Shiny ThingsStay away from them in general.  The camera doesn't like them.  Flash photography hates them.  If you're going to do shiny, do the tiniest little bit, say, patted down the centre of your eyelid, or on the inner corner of your eye.  Or perhaps a non-frosty illuminator (fluid rather than powder) at the very tops of your cheekbones.  But if you do it everywhere you will just look shiny and greasy and oily.  In real life and in the camera.  Plus, overly-frosty shadows will age your eyes and crease much faster... If you want illuminator recommendations, look here.

The most simple, elegant, polished bridal look always uses - you've guessed - matte shades.  You don't have to use a huge amount of colours.  To create a beautiful, simple, clean look, following these steps:
  • Apply a base shadow in a pale matte colour all over from lashline to brow
  • Apply a warm brown into the crease and the outer corner.  Blend it across the lid very subtly, with the concentration of colour at the outer corner
  • If you really want shimmer, apply a tiny amount down the centre of your lid if you like, and/or perhaps at the inner corner of your eye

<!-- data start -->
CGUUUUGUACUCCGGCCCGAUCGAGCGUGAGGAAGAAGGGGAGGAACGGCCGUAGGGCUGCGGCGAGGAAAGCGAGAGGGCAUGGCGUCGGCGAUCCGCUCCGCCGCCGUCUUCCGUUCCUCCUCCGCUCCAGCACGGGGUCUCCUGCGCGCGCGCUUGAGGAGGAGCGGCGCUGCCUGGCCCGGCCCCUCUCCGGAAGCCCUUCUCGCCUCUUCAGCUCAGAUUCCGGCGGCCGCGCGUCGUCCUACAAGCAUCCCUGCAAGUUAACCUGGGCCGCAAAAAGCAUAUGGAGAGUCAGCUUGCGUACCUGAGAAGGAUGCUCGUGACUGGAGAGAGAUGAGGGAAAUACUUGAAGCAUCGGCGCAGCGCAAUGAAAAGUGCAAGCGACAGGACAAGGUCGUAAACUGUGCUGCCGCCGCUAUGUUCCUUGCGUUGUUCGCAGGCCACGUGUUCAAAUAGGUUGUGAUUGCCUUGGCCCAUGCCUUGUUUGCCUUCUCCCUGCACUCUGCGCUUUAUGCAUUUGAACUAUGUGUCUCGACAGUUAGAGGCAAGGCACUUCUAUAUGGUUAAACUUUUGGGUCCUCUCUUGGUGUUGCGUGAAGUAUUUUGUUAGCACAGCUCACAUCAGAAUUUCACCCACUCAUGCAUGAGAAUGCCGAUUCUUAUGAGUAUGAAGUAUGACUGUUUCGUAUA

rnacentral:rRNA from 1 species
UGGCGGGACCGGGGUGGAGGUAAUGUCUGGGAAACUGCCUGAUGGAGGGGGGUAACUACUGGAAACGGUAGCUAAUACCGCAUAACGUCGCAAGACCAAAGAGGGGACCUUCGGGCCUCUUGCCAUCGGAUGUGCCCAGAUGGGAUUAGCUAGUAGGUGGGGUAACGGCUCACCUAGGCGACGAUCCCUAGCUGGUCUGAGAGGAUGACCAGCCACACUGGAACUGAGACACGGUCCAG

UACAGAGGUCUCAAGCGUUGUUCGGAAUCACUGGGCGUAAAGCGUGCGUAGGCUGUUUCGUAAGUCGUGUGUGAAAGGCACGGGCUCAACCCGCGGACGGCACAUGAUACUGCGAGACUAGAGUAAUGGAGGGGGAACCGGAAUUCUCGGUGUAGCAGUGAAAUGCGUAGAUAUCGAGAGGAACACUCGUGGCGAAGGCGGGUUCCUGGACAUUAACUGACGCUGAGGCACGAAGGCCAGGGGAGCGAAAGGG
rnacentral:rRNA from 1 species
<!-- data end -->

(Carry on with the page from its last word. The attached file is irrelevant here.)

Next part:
• Create a really thin black gel/liquid liner along your upper lashline with the tiniest "tick" at the outer edge to "lift" your eyes (this is not about creating a cat-eye flick)
  • Use (waterproof is a good idea!) black mascara, combed through so there are no clumps whatsoever
  • Add a tiny amount of a more cool-toned brown just under your lower lashline (a very warm-toned brown under the eye can look red in photos)
Amping-up your EyesTo add a hint of colour  Put a haze of a coloured shadow across the lid and just at the very centre of the lower lashline

To make this slightly smokier  Add a slightly darker brown colour into the outer crease

To make this slightly more retro  Create a more obvious flick, add a flesh-coloured (or white, yellow or pink) eyeliner to your lower waterline and some longer false lashes at the outer edge of your eyes

Everyone should shape their brows.  Generally for brides I recommend powder products, as the look is softer.  If you have very very sparse brows, I recommend using a pencil first, then a powder over it.  In general, a more ashy toned light brown works for most brides (blonde, brown, black hair colour) and a slightly more warm brown for red hair.